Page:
Mark Hoffman outlined requests for the 10th annual Pony Express Gravel Dash, which is expected to draw some 350 riders Saturday September 9, along with a 5k/half marathon benefit for St. Gregory Catholic School. Registration for riders will be that Friday evening, with a Saturday morning departure downtown, and arrivals back that afternoon.
Engineers with BG Consultants reviewed plans for updating and expanding the city sewage lagoon west of Marysville adding a wetland. The low bid of four submitted was from Superior Construction, at a base bid cost of $1.74 million, with an optional alternate adding an additional $112,000 primarily for additional concrete. Engineers had estimated a total near $2 million, and bids ranged to over $4.7 million. Additionally, work including de-sludging and screening is estimated at another $1.15 million, which would bring the total project cost to over $3 million, with a loan/forgiveness of $600,000 to $950,000 available through Kansas Department of Health and Environment. An option to add a building at the lagoon site could add another $200-250,000. A motion was passed unanimously to proceed with application for state approval, and contingent acceptance of the low bid on the base option, proceeding with construction accordingly. The options will be considered further.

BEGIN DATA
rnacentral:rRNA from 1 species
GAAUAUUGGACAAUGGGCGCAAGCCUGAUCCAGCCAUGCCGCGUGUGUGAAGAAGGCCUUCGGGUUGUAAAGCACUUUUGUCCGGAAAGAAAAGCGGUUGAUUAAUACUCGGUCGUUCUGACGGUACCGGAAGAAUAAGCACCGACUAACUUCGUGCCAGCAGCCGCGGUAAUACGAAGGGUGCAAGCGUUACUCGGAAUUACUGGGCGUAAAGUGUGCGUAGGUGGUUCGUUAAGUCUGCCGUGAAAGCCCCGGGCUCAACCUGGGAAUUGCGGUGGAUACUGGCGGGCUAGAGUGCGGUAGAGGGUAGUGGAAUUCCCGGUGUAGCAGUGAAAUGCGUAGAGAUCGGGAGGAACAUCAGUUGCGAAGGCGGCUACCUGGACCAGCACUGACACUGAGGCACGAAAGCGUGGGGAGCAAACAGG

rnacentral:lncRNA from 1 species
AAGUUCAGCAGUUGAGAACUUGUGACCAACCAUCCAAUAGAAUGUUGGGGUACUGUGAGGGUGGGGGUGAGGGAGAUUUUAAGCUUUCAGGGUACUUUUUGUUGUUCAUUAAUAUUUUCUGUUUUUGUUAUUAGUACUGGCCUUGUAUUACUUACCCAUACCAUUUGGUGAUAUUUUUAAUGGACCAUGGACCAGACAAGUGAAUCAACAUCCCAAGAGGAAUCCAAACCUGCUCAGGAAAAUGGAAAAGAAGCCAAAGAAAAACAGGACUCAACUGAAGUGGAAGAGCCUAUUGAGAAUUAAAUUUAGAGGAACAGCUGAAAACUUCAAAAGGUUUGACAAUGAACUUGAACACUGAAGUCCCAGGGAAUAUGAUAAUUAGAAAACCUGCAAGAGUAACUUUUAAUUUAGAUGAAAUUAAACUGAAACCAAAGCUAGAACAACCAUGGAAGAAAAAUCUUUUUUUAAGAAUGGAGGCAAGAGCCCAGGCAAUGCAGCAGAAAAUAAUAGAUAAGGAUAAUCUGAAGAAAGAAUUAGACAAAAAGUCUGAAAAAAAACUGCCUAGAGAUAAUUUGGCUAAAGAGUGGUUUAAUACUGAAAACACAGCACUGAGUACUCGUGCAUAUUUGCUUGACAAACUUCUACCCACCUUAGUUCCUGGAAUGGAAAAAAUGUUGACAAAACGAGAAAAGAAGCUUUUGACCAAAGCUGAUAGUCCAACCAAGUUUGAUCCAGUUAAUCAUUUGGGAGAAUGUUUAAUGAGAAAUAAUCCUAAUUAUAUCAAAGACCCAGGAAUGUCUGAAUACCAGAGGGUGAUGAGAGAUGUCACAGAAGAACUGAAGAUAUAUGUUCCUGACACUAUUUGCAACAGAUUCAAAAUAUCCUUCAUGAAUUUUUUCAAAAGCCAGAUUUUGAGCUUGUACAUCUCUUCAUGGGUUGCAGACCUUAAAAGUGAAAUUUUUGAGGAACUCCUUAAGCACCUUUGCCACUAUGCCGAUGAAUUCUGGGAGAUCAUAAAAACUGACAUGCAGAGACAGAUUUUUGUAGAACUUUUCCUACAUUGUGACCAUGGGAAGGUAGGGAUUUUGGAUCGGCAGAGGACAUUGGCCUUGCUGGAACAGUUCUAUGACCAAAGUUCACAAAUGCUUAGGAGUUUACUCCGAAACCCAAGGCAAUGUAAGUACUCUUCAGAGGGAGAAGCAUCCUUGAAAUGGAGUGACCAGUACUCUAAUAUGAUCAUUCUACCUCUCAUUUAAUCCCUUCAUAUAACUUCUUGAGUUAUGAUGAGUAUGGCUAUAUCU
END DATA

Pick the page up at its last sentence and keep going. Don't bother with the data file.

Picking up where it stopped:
Follow up on nuisance violations were presented for properties at 303 North, 410 Carolina, and 504 Spring, with hearings for resolutions on properties at 1301 Calhoun, 500 and 502 Jenkins, and 300 Calhoun streets.
A lease request from Verizon for locating a 185-foot cellular tower in the south industrial park, immediately south of the water plant building was presented. Council discussed alternate locations and noted that it was not in a residential neighborhood and should improve cell service in the community. No action was taken, and the matter will be brought to the next meeting.
Three bids were received for a water line project at 8th and Elm with a low bid of $421,000 from Jadwin Construction, 40 percent over estimates. The low bid was approved unanimously, with work to be completed this year and funded through water revenue and sales tax proceeds.
City administrator presented information regarding placement of a junkyard, and related zoning requirements as requested previously by council.
The girl scout troop no longer wishes to use the cabin on city property on north Nineth Street, and the adjacent boy scout cabin were discussed. The property was purchased by the city on foreclosure in 1940, and the boy scout cabin dates to the 1930’s and the girl scout cabin to the 1940’s and were formerly railroad cars and a railroad building. Consensus was to consider application of any individual or organization wishing to renovate and reuse the building should contact city hall.
Appointment of Ty Warren to replace Wayne Kruse who has resigned from the Convention and Tourism Committee was approved.
City attorney presented an option for securing and removing abandoned vehicles. Recent cleanup efforts have been slowed as residents are unwilling or unable to move disabled vehicles, and a policy was suggested as to a simple process for a bid process whereby the city could sell such vehicles after appropriate notice.